Monday, December 02, 2002

A Tale of Two Bicycles

One Sunday afternoon, two Seattlites decided to take their bicycles to the East Side (of Lake Washington) for a ride. It was the end of a long weekend full of eating, cooking, and household projects, and they were eager to get a breath of fresh air, some exercise, and possibly stop by a holiday event or two.

One of our cyclists, however, was feeling a little cranky. She was anticipating an evening ahead spent painting and felt that the weekend had been a bit heavy on the project time and little light on her "me time." She realized, however, that once she got going, she'd be glad that she went on the bike ride. So the two loaded their bikes on the car's roof rack and began their quiet (she was still sulking) drive east.

Sure enough, once the two were a mile or so into the ride the silence melted away and they enjoyed the ride, chatting of cabbages and kings (well, not really), holidays and cycling. They traveled through a local park, rode (skirted, actually) the velodrome, noted the climbing wall for future visits, and took a few photos.

They were on the return trip, little more than a mile from the car, when the ride headed downhill (not literally) fast. She was not an experienced road cyclist and was uncomfortable riding too close to other bikes. He was a more skilled and savvy rider, and thought that he knew how to help her get over her fear. They steered their bikes closer to each other. "Look," said the young Lance Armstrong, "you can push me and I won't fall over." Sure enough, pushing and shouldering each other did not bring them down. She lost confidence, however, wobbled her front wheel, and next thing you know, something caught on something else, and she was going down, her strangled scream of fear and warning filling the air. He only lasted upright a few seconds longer and soon they were in a pile on the trail.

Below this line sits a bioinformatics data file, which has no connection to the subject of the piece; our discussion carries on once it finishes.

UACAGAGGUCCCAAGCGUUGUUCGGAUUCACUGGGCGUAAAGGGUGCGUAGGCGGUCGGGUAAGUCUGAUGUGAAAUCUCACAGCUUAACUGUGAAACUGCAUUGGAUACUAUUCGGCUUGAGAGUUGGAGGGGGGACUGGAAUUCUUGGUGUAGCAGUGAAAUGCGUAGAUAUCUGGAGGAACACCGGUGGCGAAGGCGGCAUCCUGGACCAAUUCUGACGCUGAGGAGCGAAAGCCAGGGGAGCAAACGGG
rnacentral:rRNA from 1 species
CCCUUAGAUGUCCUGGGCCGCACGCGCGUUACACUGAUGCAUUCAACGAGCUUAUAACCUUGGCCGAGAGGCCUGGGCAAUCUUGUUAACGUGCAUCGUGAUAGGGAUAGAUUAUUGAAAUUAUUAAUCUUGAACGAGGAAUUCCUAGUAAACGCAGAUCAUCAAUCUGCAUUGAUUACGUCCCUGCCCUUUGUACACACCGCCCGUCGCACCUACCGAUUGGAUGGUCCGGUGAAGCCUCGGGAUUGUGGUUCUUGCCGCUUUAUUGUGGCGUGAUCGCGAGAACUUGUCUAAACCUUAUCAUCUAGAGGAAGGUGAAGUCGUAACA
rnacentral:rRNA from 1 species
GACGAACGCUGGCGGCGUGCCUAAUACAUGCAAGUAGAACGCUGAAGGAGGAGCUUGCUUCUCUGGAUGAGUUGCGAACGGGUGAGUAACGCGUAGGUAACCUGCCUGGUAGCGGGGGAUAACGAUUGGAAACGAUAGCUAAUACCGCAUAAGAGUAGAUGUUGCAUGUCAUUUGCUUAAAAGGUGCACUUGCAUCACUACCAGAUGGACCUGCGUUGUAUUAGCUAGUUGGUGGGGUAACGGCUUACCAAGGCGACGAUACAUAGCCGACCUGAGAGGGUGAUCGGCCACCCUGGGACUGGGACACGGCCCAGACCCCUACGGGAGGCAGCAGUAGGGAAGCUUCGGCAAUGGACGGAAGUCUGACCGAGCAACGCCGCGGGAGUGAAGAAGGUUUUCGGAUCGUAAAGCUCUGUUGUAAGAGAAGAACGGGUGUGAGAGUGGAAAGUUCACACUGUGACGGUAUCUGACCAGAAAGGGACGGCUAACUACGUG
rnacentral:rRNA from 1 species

They quickly stood up and took stock. A few bruises, scrapes, a sore wrist and a flat tire were the extent of the casualties. She was shaken and shed a few tears. He rode ahead to get the car while she walked her bike the few hundred yards to the meeting place. Back in the car, they both appologized, and decided that an eggnog latte (first of the season) would help them feel better. Still a little puffy from crying, she suggested finding a Starbucks with a drive-thru. Enamoured of the drive-thru espresso experience, he readily agreed. It didn't take them long to find one (this is Seattle, remember) and soon they were placing their order and driving up to the window to get their....

Uh oh.

They had forgotten about the bikes on the roof rack and one of them had gotten stuck to the awning over the drive-thru window. Fortunately, the damage to the awning was cosmetic and the Starbucks employee had a sense of humor about the whole incident. It seems that this had happened before... They extricated the bike, paid for the coffee and quickly drove off. Okay, so they had to wait a few more minutes for the lattes to be ready. This isn't McDonalds, after all.

Thus ends my tale of lakes and lattes, bikes and bruises. A true story of the modern Pacific Northwest. All concerned are a little sore, but know that they will fall with more confidence the next time.

By the way, those eggnog lattes sure were good. :0)


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